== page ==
Within only a short time it was over. All the British commanding officers and their seconds were either dead or severely wounded. Barclay, also severely wounded, ordered the British battle flags lowered, surrendering what was left of his fleet.
Soon after the battle Perry scrawled a terse note on the back of an envelope to his commanding officer William Henry Harrison, who would one day become the ninth president of the United States.
Dear General: We have met the enemy and they are ours—two ships, two brigs, one schooner and a sloop. Yours, with great respect and esteem, Oliver Hazard Perry.
The Battle of Lake Erie proved to be one of the greatest American victories of the War of 1812. Perry’s victory secured control of the lake, forcing the British to retreat up the Thames River, farther into Canada. General Harrison and the American army doggedly pursued, defeating the small British army and its allied Indian force on October 5, 1813 at the Battle of the Thames. (By the way, it was the same battle where the great Shawnee Indian leader Tecumseh was killed.)
Oliver Hazard Perry certainly did not win the Battle of Lake Erie single-handed, but without his courageous leadership the result of the fight could have been very different. Unfortunately, Perry died six years later on his 34th birthday after contracting yellow fever.
Commemorating the Battle of Lake Erie today is Perry’s Victory and International Peace Memorial located on Lake Erie’s South Bass Island and operated by the National Park Service. Beneath the 352-foot Doric stone column lie the remains of three American and three British officers killed during the battle. The monument celebrates the long-lasting peace that has endured among Great Britain, Canada and the United States since that bloody day more than two centuries ago.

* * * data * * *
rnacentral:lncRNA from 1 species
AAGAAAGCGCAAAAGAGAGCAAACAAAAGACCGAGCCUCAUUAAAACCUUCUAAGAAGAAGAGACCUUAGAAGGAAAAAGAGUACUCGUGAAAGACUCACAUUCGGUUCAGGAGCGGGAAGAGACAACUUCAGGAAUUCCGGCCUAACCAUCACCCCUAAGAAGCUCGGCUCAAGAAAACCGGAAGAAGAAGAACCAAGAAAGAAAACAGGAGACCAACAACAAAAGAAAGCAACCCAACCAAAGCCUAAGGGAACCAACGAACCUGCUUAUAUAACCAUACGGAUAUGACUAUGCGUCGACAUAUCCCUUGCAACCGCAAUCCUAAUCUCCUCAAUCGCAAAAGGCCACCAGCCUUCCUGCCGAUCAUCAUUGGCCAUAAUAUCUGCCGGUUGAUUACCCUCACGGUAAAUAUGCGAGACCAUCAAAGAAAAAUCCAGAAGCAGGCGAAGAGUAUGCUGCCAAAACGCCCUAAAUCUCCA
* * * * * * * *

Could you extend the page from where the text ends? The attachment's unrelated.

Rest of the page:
Highly recommended during a visit to the memorial is the quick elevator ride to the top of the monument where an open-air observation deck provides a spectacular view of all the Lake Erie islands. The village of Put-In-Bay is immediately below, surrounding the harbor where Perry prepared his ships for the fight.
Lastly, here’s a bit of naval history trivia you can use to impress your friends. Most people have heard the saying: "It’s cold enough to freeze the balls off a brass monkey!" But the term does not refer to what you may think.
During the days of sail, warships mostly fired round iron cannonballs; the balls were stacked on deck in a pyramid shape. To keep the bottom cannonballs in the pyramid from rolling, they were placed on a metal plate with round indentations known as a “monkey.” But if the monkey was made of iron, the cannonballs soon rusted fast to it.
So instead, the monkey was made of brass. The only problem with this solution is that when brass gets cold it contracts more than iron. Brass shrinks so much, in fact, that the indentations in the monkey can no longer hold the iron cannonballs and they roll off. Hence the term, cold enough to freeze the balls off a brass monkey. (And you always thought, well…)